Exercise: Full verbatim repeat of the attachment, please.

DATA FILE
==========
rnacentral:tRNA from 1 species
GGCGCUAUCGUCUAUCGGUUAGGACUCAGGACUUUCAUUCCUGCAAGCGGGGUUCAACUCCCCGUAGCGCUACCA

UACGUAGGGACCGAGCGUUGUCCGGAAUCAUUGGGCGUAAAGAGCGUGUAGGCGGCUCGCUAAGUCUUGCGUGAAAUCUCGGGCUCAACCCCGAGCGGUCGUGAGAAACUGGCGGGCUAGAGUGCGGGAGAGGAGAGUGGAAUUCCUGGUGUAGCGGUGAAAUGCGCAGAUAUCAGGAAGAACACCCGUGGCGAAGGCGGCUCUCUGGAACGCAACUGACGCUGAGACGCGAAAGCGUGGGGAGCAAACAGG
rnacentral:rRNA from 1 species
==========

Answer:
rnacentral:tRNA from 1 species
GGCGCUAUCGUCUAUCGGUUAGGACUCAGGACUUUCAUUCCUGCAAGCGGGGUUCAACUCCCCGUAGCGCUACCA

UACGUAGGGACCGAGCGUUGUCCGGAAUCAUUGGGCGUAAAGAGCGUGUAGGCGGCUCGCUAAGUCUUGCGUGAAAUCUCGGGCUCAACCCCGAGCGGUCGUGAGAAACUGGCGGGCUAGAGUGCGGGAGAGGAGAGUGGAAUUCCUGGUGUAGCGGUGAAAUGCGCAGAUAUCAGGAAGAACACCCGUGGCGAAGGCGGCUCUCUGGAACGCAACUGACGCUGAGACGCGAAAGCGUGGGGAGCAAACAGG
rnacentral:rRNA from 1 species